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    Hi @anurag, Generally speaking, if you define a pin on an FPGA to be an output and then accidentally supply a matching input voltage (for example 3.3V output and supplying a 3.3V input) there should not be any problems. However, if your output was instead 0V and you accidentally gave it a 3.3V input voltage, you would likely damage the FPGA pin. If you are concerned about this, what I would recommend to help mitigate this would be to implement some external resistors (in series) between the FPGA output pin and your input voltage. The Pmod port on the Cmod A7 already implements these series resistors for you, but the DIP pins do not. Realistically speaking, if you are aware of the potential issue of damaging the board, the knowledge of that should keep you from accidentally connecting incorrect voltages to one another. Otherwise, I might recommend using color coded wires to help ensure all of your signals go to the right places. Let me know if you have any other questions. Thanks, JColvin
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    Hi @Old Printer RPi support is still dead in the water ... but there is a VIABLE ALTERNATIVE !!! I can confirm the findings of forum user @agaelema: it works fine on an Orange Pi PC plus. See this Forum Post for all the details: Using Digilent Analog Discovery in Orange Pi PC PLus Merry Christmas !
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    Hi, I've created a custom software program in C++ that uses analog discovery 2 and I have two questions. 1. I want to read some data using I2C interface, but I'm having trouble on the idea of how should I set up a "typical I2C" interface in C++. Is there an example anywhere on how exactly can this be accomplished in C++? 2. When reading the on-board temperature value in C++ I keep receiving a constant value if I'm doing multiple reads in a row. How can I fix it so that every time I read the AD2 on-board temp value I would get an updated temp value not the initial value? Thank you!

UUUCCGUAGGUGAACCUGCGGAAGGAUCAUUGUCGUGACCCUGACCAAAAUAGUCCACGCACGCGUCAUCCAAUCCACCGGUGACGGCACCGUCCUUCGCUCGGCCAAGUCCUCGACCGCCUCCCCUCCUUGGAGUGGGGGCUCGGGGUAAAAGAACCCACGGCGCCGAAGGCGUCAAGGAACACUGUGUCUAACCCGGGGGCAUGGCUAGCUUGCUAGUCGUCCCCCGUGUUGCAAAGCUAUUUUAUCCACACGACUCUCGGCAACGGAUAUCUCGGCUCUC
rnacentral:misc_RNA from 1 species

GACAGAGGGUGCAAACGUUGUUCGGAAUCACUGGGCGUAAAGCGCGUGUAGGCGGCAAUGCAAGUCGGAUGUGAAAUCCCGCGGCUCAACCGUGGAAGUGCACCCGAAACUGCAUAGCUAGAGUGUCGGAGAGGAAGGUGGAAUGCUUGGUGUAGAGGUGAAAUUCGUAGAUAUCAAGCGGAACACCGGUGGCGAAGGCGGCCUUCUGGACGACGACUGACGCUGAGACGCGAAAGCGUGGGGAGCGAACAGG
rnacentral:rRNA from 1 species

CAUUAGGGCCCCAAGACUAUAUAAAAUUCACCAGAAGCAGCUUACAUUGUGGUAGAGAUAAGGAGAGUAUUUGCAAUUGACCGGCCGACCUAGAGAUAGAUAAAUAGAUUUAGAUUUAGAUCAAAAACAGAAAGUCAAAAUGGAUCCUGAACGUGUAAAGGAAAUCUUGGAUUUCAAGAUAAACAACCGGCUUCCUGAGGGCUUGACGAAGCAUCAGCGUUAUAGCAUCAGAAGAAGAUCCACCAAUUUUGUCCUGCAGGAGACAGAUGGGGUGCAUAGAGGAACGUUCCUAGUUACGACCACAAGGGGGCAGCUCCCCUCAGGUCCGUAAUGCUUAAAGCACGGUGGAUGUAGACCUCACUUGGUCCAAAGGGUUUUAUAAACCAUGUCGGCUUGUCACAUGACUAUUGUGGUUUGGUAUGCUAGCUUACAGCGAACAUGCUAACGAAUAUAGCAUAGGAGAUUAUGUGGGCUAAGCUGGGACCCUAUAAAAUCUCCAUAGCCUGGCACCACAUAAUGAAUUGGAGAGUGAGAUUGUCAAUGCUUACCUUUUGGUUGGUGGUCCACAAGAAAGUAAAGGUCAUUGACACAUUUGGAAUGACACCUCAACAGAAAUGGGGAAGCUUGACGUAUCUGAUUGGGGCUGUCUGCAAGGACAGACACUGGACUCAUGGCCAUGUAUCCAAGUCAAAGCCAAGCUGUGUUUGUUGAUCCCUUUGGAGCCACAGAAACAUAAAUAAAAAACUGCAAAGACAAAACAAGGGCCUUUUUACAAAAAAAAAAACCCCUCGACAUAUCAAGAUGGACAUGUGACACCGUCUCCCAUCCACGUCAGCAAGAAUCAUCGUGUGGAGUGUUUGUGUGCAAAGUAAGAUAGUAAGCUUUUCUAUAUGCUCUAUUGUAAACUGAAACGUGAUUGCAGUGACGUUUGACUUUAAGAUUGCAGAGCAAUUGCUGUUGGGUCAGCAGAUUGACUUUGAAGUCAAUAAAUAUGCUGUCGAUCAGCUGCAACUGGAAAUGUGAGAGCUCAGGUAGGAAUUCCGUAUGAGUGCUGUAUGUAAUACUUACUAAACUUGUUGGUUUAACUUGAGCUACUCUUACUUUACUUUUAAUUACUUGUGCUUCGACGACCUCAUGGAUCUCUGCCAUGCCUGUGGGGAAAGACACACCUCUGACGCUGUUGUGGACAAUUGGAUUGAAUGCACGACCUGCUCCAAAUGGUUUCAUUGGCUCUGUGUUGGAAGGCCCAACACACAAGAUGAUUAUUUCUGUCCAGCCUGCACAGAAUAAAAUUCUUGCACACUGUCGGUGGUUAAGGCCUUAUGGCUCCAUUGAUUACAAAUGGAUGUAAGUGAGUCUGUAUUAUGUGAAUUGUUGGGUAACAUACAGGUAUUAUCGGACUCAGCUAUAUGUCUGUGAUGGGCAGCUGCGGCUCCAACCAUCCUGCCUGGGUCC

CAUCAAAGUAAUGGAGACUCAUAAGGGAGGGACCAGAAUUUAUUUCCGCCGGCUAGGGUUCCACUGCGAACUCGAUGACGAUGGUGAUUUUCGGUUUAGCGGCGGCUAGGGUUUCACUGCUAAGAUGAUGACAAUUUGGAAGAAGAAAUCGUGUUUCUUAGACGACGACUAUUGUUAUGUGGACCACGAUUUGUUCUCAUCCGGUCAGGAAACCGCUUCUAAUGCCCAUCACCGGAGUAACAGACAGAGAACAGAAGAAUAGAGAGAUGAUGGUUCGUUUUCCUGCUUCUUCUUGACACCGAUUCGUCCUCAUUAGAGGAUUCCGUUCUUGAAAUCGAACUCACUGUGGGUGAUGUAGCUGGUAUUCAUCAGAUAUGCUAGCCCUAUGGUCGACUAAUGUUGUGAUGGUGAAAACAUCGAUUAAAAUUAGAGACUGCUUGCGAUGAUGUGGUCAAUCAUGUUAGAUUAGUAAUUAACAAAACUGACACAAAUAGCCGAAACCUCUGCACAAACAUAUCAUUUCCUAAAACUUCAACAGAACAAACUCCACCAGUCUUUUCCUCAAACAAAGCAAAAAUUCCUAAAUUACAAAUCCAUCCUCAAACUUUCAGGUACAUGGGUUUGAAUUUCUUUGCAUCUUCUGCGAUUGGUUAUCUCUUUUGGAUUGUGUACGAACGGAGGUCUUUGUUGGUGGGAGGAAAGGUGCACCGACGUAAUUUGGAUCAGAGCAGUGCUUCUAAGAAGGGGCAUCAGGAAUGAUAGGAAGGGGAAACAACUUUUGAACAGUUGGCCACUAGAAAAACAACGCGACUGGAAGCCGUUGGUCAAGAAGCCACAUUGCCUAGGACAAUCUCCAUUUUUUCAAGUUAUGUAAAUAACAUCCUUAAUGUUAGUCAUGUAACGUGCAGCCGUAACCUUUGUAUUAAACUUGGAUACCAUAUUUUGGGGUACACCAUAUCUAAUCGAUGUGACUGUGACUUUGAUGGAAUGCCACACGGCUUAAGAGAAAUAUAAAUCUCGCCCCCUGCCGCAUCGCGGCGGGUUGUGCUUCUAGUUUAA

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    Hey Kabron, You can store WaveForms Live on the SD card for use when you have no internet connection. If you launch a browser and navigate to the IP address of the OpenScope MZ it will check if your host (where PC, phone, etc) has an internet connection and then: If your host does have an internet connection the OpenScope MZ will redirect the browser to load WaveForms Live from waveformslive.com. The load times are much faster from waveformslive.com than from the Open Scope MZ sd card. If your host does not have an internet connection it will load WaveForms Live from SD card on the OpenScope MZ. If you always have internet access or plan to use the Android / iOS app, you don't need the SD card. We're also planning to add the ability to log data to the SD card as part of one of our Kickstarted stretch goals. Let us know if you have any more questions about this. Thanks! -Kristoff
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    Hi @Michelle The StaticIO controlled from Script won't provide exact timing. For stepper motor control it is better to use the Patterns. In case you need to automate, like changing the signal frequency you can do it with the Script tool. Here you have some posts about the Script and StaticIO if you need it.
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    Hi @shabbirahmed Unfortunately no, the protocol interpreters are in the application.
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    Hello everybody! Since I was sharing this image with others, I thought I'd share it here at Digilent as well. The attached image shows the frequency response of several FFT windows, including the well-known rectangle and Hanning windows. The blue window is one I've put together, but haven't shared the FPGA source code used to implement it. I challenge anyone to do better. Oh, and one other comment ... all but the Hanning window can be used in an invertible FFT process. Dan
  50. 1 like
    We use original USB controller chips. The "Unknown device" indicates missing driver or hardware failure. Please verify the Hardware IDs of the device in Windows Device Manager: - USB\VID_0403&PID_6014: the device is identified correctly Make sure to install WaveForms including the Adept Runtime section which contains the USB driver. Make sure the driver version is 2.12.0 or 2.10.0. The new 2.12.6 seems to work correctly too, but 2.12.4 is wrong. See the steps above to update the driver. - UNKNOWN or USB\VID_0000&PID_0000: hardware problem Try using another cable, USB plug and computer.